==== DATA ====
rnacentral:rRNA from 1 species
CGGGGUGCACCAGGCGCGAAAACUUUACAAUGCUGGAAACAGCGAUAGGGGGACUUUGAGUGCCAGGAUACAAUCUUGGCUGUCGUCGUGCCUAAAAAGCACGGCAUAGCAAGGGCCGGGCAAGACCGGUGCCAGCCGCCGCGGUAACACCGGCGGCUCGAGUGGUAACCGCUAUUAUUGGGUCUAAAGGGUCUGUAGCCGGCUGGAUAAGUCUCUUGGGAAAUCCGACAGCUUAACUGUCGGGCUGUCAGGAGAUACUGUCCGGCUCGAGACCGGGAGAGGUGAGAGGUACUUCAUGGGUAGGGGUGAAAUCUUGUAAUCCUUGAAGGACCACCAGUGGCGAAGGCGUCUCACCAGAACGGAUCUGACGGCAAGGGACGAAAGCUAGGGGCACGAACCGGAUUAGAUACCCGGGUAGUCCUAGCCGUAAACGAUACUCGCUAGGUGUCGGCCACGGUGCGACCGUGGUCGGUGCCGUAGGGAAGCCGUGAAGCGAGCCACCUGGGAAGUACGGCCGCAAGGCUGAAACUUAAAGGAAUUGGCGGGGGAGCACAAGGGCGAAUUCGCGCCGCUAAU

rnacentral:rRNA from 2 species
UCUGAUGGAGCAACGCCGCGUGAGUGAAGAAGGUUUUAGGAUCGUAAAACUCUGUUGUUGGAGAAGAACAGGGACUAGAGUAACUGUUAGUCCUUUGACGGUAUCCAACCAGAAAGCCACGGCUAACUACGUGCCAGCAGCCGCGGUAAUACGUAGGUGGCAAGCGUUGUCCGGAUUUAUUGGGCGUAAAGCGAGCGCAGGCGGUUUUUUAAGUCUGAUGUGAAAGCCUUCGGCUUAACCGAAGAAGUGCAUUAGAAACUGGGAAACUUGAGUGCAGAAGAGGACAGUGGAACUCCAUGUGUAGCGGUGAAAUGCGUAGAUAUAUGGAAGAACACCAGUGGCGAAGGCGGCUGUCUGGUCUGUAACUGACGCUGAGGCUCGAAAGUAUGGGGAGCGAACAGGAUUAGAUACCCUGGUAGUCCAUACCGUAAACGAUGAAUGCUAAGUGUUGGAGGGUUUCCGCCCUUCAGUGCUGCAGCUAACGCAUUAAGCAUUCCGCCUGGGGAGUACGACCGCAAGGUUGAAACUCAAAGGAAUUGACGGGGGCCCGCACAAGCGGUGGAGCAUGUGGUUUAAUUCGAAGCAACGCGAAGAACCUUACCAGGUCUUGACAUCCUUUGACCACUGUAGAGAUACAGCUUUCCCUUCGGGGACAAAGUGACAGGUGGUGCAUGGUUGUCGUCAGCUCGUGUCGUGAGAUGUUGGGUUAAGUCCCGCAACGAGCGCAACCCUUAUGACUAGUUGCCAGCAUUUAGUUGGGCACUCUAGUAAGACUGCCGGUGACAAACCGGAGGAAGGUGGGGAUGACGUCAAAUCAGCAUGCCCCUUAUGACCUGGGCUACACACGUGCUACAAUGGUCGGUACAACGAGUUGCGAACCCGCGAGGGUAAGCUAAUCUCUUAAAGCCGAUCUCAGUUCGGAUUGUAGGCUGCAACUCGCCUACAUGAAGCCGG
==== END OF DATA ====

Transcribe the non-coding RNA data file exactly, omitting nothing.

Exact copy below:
rnacentral:rRNA from 1 species
CGGGGUGCACCAGGCGCGAAAACUUUACAAUGCUGGAAACAGCGAUAGGGGGACUUUGAGUGCCAGGAUACAAUCUUGGCUGUCGUCGUGCCUAAAAAGCACGGCAUAGCAAGGGCCGGGCAAGACCGGUGCCAGCCGCCGCGGUAACACCGGCGGCUCGAGUGGUAACCGCUAUUAUUGGGUCUAAAGGGUCUGUAGCCGGCUGGAUAAGUCUCUUGGGAAAUCCGACAGCUUAACUGUCGGGCUGUCAGGAGAUACUGUCCGGCUCGAGACCGGGAGAGGUGAGAGGUACUUCAUGGGUAGGGGUGAAAUCUUGUAAUCCUUGAAGGACCACCAGUGGCGAAGGCGUCUCACCAGAACGGAUCUGACGGCAAGGGACGAAAGCUAGGGGCACGAACCGGAUUAGAUACCCGGGUAGUCCUAGCCGUAAACGAUACUCGCUAGGUGUCGGCCACGGUGCGACCGUGGUCGGUGCCGUAGGGAAGCCGUGAAGCGAGCCACCUGGGAAGUACGGCCGCAAGGCUGAAACUUAAAGGAAUUGGCGGGGGAGCACAAGGGCGAAUUCGCGCCGCUAAU

rnacentral:rRNA from 2 species
UCUGAUGGAGCAACGCCGCGUGAGUGAAGAAGGUUUUAGGAUCGUAAAACUCUGUUGUUGGAGAAGAACAGGGACUAGAGUAACUGUUAGUCCUUUGACGGUAUCCAACCAGAAAGCCACGGCUAACUACGUGCCAGCAGCCGCGGUAAUACGUAGGUGGCAAGCGUUGUCCGGAUUUAUUGGGCGUAAAGCGAGCGCAGGCGGUUUUUUAAGUCUGAUGUGAAAGCCUUCGGCUUAACCGAAGAAGUGCAUUAGAAACUGGGAAACUUGAGUGCAGAAGAGGACAGUGGAACUCCAUGUGUAGCGGUGAAAUGCGUAGAUAUAUGGAAGAACACCAGUGGCGAAGGCGGCUGUCUGGUCUGUAACUGACGCUGAGGCUCGAAAGUAUGGGGAGCGAACAGGAUUAGAUACCCUGGUAGUCCAUACCGUAAACGAUGAAUGCUAAGUGUUGGAGGGUUUCCGCCCUUCAGUGCUGCAGCUAACGCAUUAAGCAUUCCGCCUGGGGAGUACGACCGCAAGGUUGAAACUCAAAGGAAUUGACGGGGGCCCGCACAAGCGGUGGAGCAUGUGGUUUAAUUCGAAGCAACGCGAAGAACCUUACCAGGUCUUGACAUCCUUUGACCACUGUAGAGAUACAGCUUUCCCUUCGGGGACAAAGUGACAGGUGGUGCAUGGUUGUCGUCAGCUCGUGUCGUGAGAUGUUGGGUUAAGUCCCGCAACGAGCGCAACCCUUAUGACUAGUUGCCAGCAUUUAGUUGGGCACUCUAGUAAGACUGCCGGUGACAAACCGGAGGAAGGUGGGGAUGACGUCAAAUCAGCAUGCCCCUUAUGACCUGGGCUACACACGUGCUACAAUGGUCGGUACAACGAGUUGCGAACCCGCGAGGGUAAGCUAAUCUCUUAAAGCCGAUCUCAGUUCGGAUUGUAGGCUGCAACUCGCCUACAUGAAGCCGG